Canned Heat, Woodstock originals with their unique brand of psychedelic blues, were coming to Adelaide on their Australian tour and I was pretty damn excited. I’d been listening to some of their classics in the week leading up and I was hoping this was going to be a good show.
Doing some research before the gig, the interwebs revealed that the band has had no less than forty three members over its fifty plus years history! For this tour the line-up comprised the longest continuous serving member drummer Adolfo de la Parra, who was present at the band’s Woodstock set and another Woodstock original, bass player Larry Taylor. They were joined by John Paulus on guitar and Dale Spalding on harmonica and guitar.
What were they going to be like, a bunch of has beens or legends of blues and rock? They were billed to be playing the Byron Bay Blues festival after this, so I was expecting a good show. When I arrived there was a decent sized crowd forming. Adelaide blues stalwart JJ Fields warmed the crowd up with some classic mellow blues on his twelve string guitar.
However, the crowd was waiting for the main event. When Canned Heat came out on stage they erupted in cheers, and looking around I noticed the place had suddenly filled up. The band knew what the fans wanted and they launched straight into their hit On The Road setting the crowd boogieing along.
Dale Spalding was grinning from ear, enjoying the feedback from the crowd. Next off was Same All Over. After this, Adolfo joked with the crowd about the next song being about magic mushrooms, alluding to the bands psychedelic roots in the summer of love before launching into a extended instrumental piece with wailing harmonicas, deep bass and psychedelic guitar solos.
Next track was Shake It Don’t Break It, and after that they slowed it down a little, moving into another instrumental piece with a more ragtime mellow feel. I noticed the pungent odour of marijuana in the air as some of the punters tried to capture the vibe of the summer of love.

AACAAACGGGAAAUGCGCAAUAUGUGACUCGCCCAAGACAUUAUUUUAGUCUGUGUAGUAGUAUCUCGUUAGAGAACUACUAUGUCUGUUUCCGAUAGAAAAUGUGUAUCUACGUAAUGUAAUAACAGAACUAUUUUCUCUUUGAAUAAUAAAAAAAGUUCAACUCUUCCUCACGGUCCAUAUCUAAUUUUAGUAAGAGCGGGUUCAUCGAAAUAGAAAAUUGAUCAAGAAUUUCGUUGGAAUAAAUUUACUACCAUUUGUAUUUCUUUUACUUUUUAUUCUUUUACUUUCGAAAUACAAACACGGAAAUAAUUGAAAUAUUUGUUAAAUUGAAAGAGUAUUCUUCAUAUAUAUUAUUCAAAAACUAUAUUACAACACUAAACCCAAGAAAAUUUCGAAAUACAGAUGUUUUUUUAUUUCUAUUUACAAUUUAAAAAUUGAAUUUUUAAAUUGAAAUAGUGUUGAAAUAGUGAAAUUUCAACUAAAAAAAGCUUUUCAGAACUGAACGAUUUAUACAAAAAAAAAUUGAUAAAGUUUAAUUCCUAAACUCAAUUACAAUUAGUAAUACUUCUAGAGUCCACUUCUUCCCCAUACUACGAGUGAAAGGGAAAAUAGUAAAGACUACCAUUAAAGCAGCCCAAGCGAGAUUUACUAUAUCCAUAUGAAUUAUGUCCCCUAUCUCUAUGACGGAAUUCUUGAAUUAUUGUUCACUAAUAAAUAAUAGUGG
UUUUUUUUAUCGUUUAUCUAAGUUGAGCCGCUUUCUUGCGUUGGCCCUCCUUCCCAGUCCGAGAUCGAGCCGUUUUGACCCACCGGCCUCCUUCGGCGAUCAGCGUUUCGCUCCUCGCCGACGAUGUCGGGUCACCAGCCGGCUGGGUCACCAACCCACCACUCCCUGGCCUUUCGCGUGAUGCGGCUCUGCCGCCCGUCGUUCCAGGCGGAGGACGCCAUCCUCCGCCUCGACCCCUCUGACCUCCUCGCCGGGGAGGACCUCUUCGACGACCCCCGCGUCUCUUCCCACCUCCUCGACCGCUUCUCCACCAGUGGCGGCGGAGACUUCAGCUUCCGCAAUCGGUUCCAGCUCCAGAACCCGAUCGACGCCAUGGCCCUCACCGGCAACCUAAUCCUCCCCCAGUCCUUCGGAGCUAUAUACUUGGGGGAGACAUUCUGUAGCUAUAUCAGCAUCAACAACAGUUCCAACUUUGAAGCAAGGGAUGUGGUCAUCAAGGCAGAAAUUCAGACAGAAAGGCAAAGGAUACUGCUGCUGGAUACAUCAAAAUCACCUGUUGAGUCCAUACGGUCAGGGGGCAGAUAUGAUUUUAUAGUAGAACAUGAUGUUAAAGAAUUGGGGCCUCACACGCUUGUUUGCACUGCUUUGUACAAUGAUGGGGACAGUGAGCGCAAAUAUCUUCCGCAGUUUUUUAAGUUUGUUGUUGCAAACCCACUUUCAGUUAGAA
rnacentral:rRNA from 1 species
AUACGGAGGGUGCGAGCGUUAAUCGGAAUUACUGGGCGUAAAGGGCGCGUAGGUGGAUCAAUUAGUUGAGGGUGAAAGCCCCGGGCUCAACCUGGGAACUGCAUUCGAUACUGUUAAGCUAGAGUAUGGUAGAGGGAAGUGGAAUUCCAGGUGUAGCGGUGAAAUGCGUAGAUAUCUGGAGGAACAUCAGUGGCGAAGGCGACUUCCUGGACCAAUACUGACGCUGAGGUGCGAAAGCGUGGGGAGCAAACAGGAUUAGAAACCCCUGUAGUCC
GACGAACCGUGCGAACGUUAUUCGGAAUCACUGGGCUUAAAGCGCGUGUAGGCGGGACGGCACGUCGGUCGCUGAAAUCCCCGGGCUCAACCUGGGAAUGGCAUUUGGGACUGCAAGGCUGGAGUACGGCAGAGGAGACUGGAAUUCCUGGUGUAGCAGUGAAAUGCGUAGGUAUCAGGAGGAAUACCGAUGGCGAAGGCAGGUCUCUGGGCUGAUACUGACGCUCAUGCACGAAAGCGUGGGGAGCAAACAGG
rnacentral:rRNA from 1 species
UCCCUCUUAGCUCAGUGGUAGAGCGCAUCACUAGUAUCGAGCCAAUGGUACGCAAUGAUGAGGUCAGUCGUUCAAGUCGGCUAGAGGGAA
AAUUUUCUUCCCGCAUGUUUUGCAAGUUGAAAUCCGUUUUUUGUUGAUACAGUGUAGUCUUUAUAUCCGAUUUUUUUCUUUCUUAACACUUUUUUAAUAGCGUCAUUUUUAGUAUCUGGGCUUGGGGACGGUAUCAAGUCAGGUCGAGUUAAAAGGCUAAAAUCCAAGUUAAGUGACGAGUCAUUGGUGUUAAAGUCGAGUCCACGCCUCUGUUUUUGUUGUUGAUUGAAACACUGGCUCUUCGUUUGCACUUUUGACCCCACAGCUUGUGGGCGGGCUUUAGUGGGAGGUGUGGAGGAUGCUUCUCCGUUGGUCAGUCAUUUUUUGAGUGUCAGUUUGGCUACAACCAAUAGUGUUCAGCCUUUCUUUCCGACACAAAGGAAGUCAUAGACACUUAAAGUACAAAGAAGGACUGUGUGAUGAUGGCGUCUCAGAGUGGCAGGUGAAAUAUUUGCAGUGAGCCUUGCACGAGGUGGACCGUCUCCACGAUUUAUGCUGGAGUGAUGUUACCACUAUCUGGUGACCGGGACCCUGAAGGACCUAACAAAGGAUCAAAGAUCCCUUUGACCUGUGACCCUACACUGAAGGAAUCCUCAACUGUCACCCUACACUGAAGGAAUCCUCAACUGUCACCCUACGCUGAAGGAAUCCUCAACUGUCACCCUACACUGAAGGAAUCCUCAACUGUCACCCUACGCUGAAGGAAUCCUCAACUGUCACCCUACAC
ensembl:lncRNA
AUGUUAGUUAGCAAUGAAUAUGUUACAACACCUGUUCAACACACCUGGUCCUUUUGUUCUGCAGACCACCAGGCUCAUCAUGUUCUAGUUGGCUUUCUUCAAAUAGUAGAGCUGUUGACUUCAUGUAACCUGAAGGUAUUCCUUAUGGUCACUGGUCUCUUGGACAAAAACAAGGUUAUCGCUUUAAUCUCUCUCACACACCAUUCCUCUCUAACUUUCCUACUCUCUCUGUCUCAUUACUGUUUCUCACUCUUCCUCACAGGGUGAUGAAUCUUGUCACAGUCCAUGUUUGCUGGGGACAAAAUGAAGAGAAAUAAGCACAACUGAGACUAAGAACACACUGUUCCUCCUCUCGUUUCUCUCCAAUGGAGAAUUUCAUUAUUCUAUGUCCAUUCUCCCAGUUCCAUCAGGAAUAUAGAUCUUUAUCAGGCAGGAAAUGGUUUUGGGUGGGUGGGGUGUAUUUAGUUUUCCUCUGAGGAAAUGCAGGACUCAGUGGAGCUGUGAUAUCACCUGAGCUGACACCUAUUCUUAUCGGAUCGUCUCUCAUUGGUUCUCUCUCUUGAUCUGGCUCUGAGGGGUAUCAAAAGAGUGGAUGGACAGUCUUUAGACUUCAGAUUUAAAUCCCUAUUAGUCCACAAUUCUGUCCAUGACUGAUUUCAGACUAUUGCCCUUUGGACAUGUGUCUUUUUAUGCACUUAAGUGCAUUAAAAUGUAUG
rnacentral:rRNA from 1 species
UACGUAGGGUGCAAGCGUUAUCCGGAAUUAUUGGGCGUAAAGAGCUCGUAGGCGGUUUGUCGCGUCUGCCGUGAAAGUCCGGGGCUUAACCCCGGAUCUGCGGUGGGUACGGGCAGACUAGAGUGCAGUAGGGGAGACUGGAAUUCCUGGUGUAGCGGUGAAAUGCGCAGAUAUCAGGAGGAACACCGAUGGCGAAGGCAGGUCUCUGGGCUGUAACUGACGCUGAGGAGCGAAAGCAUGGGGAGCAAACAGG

Moving along with the theme of peace and love they played their monster hit and unofficial Woodstock theme song Going Down The Country. The crowd was in full swing by now, having loosened up and were dancing and jiving away. They band were really polished, as you would expect, and you could see they still had the love and passion for their art. Purists might prefer to see original line ups, but for me I think having some changes in personnel can keep bands fresh and enthusiastic.
Now the crowd was warmed up they took it up a notch, moving from the peace and love of Woodstock to the darker call to arms The Worlds in a Tangle. John Paul showed off his guitar skills with some superlative solo work. Some more blues instrumental work followed this and every member of the band got to showcase their talents.
I started to lose track of the songs they were playing by this point as I was too busy dancing and grooving to the music, but I do remember hearing Future Blues and Rolling and Tumbling. The band finished off their set with some boogie woogie freestyling with solos from every member of the band, finally leaving the stage to the sound of rapturous applause.
It was pleasing to see such an iconic band still going strong. I’m going away for Easter on a road trip, and I think know what will be cranking in the car stereo!
Live Review by Jeremy Watkinson